The Bell Boeing V-22 Osprey tiltrotor has logged more than 600,000 flight hours, according to an announcement from Boeing this week. The V-22 fleet currently includes more than 400 aircraft with variants operated by the U.S. Marine Corps, U.S. Air Force, U.S. Navy and the Japan Ground Self-Defense Force. The Osprey fleet passed the 500,000 flight-hour mark in 2019.
“There is no other aircraft in the world capable of matching the unique capabilities of the Osprey,” said Kurt Fuller, Bell V-22 vice president and Bell Boeing program director. “The 600,000 flight-hours represent countless tactical, logistical and humanitarian assistance missions, and the dedication of the men and women who maintain and operate the aircraft every day.”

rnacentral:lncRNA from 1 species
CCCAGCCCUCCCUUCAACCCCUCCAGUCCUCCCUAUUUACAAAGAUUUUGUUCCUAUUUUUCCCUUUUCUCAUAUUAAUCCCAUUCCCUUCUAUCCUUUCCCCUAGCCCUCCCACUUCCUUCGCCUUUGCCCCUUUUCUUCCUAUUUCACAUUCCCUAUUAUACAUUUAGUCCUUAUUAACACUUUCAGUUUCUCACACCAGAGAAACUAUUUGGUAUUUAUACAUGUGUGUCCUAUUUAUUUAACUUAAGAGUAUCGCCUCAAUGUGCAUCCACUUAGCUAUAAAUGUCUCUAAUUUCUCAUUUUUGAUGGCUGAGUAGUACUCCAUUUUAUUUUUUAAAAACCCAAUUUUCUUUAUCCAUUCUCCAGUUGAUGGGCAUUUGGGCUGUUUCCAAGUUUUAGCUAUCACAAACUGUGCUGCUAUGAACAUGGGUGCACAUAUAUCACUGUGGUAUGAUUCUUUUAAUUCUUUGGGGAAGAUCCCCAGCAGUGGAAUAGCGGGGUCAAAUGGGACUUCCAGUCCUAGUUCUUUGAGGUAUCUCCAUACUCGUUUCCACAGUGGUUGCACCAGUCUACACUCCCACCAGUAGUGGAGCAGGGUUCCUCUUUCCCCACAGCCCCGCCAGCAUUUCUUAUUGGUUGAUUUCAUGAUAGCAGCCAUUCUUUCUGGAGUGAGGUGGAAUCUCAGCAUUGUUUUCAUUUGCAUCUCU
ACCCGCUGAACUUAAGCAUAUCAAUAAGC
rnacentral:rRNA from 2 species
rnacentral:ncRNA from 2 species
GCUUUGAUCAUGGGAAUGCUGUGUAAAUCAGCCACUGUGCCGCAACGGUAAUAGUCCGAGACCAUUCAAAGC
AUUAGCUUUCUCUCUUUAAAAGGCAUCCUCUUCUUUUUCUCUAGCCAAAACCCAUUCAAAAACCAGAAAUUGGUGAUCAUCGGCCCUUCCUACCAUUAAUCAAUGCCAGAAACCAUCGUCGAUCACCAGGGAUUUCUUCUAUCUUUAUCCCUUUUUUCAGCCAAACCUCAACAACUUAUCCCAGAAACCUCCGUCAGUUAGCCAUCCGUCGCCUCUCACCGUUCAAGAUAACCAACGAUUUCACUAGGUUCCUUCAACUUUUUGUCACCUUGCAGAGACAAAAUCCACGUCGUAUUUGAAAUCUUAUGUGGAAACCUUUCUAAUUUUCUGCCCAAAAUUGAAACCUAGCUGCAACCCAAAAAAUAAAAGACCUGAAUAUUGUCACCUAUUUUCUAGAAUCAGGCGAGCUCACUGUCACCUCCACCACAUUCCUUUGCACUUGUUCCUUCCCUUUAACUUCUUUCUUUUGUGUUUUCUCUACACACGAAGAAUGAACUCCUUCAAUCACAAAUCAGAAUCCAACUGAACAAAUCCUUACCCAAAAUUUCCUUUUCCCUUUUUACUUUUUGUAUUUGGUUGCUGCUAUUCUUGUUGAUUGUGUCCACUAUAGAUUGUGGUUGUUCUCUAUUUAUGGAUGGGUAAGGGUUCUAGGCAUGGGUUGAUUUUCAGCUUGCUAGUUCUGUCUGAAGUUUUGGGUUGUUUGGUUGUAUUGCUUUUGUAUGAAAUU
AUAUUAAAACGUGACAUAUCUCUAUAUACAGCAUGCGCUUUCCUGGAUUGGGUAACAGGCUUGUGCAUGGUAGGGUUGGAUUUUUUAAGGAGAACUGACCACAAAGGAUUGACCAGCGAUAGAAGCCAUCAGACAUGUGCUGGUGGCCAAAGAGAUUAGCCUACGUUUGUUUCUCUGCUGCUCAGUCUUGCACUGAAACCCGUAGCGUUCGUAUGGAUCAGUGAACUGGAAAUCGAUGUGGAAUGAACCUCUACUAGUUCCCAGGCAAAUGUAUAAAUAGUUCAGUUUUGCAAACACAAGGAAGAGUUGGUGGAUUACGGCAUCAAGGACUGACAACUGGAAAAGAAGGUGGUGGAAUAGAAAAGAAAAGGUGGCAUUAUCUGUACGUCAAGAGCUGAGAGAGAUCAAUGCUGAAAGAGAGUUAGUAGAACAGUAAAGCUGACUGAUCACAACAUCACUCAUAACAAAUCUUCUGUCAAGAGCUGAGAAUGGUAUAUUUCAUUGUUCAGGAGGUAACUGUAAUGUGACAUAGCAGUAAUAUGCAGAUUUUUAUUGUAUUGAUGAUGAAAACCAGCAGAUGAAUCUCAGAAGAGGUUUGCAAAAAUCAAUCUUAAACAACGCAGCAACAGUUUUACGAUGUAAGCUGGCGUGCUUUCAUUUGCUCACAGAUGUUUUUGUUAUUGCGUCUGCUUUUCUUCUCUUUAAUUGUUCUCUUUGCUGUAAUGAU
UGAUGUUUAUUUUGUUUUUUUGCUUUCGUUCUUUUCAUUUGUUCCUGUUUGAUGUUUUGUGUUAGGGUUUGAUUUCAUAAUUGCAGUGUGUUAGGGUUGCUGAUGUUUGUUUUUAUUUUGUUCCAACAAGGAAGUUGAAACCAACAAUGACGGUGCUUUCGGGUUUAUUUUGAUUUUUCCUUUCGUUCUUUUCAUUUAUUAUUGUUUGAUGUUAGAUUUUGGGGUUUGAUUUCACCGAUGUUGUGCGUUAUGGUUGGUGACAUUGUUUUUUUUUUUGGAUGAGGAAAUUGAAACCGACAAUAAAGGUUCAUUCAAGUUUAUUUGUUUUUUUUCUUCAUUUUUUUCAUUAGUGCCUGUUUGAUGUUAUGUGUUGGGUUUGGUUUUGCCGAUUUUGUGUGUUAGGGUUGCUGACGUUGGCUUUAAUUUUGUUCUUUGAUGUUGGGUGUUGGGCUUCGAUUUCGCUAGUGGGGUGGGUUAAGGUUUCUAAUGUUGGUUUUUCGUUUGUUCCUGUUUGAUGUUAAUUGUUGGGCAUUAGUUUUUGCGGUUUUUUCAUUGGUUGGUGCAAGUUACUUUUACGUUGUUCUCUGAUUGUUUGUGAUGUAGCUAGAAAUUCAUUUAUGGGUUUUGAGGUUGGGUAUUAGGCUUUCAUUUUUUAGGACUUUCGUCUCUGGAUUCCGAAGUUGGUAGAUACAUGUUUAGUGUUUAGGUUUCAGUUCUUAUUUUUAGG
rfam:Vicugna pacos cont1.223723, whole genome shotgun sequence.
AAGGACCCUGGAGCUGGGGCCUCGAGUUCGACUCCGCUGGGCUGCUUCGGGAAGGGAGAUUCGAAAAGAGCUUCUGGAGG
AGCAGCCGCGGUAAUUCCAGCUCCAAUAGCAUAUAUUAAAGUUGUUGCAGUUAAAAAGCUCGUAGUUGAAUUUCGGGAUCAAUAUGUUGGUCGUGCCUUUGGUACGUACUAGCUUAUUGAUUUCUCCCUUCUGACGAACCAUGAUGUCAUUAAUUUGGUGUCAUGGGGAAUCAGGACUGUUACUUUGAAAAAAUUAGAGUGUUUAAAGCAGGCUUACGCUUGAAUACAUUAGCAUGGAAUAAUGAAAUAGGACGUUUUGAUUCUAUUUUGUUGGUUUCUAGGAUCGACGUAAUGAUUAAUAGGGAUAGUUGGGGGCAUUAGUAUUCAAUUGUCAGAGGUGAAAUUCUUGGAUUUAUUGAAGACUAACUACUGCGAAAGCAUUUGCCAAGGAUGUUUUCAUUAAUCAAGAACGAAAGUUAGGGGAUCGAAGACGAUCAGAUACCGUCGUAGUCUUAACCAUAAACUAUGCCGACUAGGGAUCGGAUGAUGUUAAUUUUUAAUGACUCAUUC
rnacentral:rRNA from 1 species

The Osprey flew for the first time in 1989 and entered service with the U.S. Marine Corp in 2007. As previously reported by AVweb, the latest variant, the CMV-22B, completed its first flight in January 2020. The Rolls-Royce Liberty AE1107C-powered CMV-22B, which will replace the U.S. Navy’s C-2A Greyhound fleet, cruises at 269 knots, can carry up to 6,000 pounds and has a range of 1,150 NM.